[Make No Bones About It]
The question of whether the result of Shortland Street the television series can be considered successful need only be measured by one fact: 26 years. But with new mediums come new risks. For every The Lion King and The Producers stage musical adaptation there is a Spider-Man: Turn Off the Dark and The Fly. Fortunately, Shortland Street – The Musical navigates this with a theatrical duality that is often missing from not only New Zealand productions, but also new scripts. Four plus years of development goes a long way – and it shows. In this instance, the duality is achieved by making the production feel both old and new at the same time, with familiar plots and characters, and new and conducive modes of storytelling respectively.
Combining multiple storylines from the series’ early years, the narrative manages to be not only simple in its dramatic friction, but also complex in its effect – although [Spoiler – Hightlight to Read] nurse Alison Raynor’s (Ailis Oliver-Kerby) miscarriage is dealt with incredibly flippantly, and [End Spoiler] nurses Carrie Green (Lisa Chappell) and Jaki Manu’s (Bronwyn Turei) storylines are incorporated less as parallel B plots and more as scene fodder. While the central plots in act one focus on a restructuring of the clinic by Sir Bruce Warner (played with delightful antagonism by the comically gifted Mark Hadlow) and the conflict between doctors Guy Warner and Hone Ropata, played by co-creator Guy Langford and Justin Rogers respectively, act two develops the Warner/Ropata relationship, as well as expanding on those between Kirsty Knight and Lionel Skeggins (Torum Heng and Tom Clarke), and Rachel McKenna and Nick Harrison (Comfrey Sanders and Chris Parker) established before interval.
This dramaturgical structuring of events that were originally scattered across twenty-three-minute televised sequences is a perfect example of both the time and care Langford and co-book-writer and director Simon Bennett have taken in developing the project. With over 20 years of source material, some might consider the task easy, but too much of something is never a good thing. The 90s limitation provides a stronger narrative back-bone, and allows for allusions towards the future of certain characters and events, which is best illustrated in Hadlow and the ensemble’s ‘Be A Villain’. Though the formats are entirely adverse, the often ridiculous extremity of soap-opera events works perfectly for the heightened drama of musical theatre. What is required to make this work, however, are committed performances grounded in truth.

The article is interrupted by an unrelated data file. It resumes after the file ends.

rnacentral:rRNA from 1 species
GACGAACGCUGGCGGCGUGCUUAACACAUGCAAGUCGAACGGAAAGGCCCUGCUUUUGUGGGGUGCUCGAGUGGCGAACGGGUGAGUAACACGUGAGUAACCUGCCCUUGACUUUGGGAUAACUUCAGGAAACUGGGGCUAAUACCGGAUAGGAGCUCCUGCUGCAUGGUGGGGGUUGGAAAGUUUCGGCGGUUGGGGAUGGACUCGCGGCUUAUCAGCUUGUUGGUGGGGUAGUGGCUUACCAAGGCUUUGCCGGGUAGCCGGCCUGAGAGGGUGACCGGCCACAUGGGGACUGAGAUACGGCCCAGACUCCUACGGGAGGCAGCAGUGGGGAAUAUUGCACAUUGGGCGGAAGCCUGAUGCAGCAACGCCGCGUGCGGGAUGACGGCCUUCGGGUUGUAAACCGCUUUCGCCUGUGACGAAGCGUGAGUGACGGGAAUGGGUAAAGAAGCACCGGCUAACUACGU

Fortunately, Auckland Theatre Company have gathered some of the best theatrical talents New Zealand has to offer. Playing iconic characters can be a daunting task for any performer, but the cast of Shortland Street – The Musical tackle it spectacularly well. This is because their performances are based not on a mimicry of the original actors’ performances, but from an evocation of their characters. This is particularly evident in Rogers’ swagger, Clarke’s vulnerability, and Sanders’ and Parker’s teenage capriciousness.
This nostalgia is spit-shined to a fine polish thanks to the cumulative effect of a brilliant design team, with Elizabeth Whiting’s era-specific and show-authentic costumes, John Parker’s impressive yet simple set design, Bryan Caldwell’s lighting design (which is both gaudy and pointed as necessary) and Arran Eley’s balanced sound design. The icing on the (cup)cake, however, comes from Oliva Tennet. While there are naturally varied levels of dance experience among the cast, not one member looks out of place (though Rebekkah Schoonbeek-Berridge and Tavai Faasavalu are particular standouts), and Tennet’s vivacious choreography is not only slick, but also in tune with the musical numbers.
Composer Luke Di Somma notes in the programme how the moderate climate of New Zealand’s socio-political landscape is ingrained in our theatrical language – and it’s true. But he also titles the piece ‘The Golden Age of The Kiwi Musical. With recent productions such as Daffodils, Valerie, and Di Somma’s own That Bloody Woman, it’s not implausible to envision the trajectory he proffers. We are a small, young, but optimistic nation, and that optimism, which has resulted in our television and film work making waves overseas, has begun to influence our theatrical language. Whether you love or hate either Shortland Street or musicals, the combination is one of the most entertaining and enjoyable theatrical events of the year, and with a five-city tour planned for 2019, there is no doubt the show will soon be world famous in New Zealand, and perhaps further.
Shortland Street – The Musical plays the ASB Waterfront Theatre until 9 December.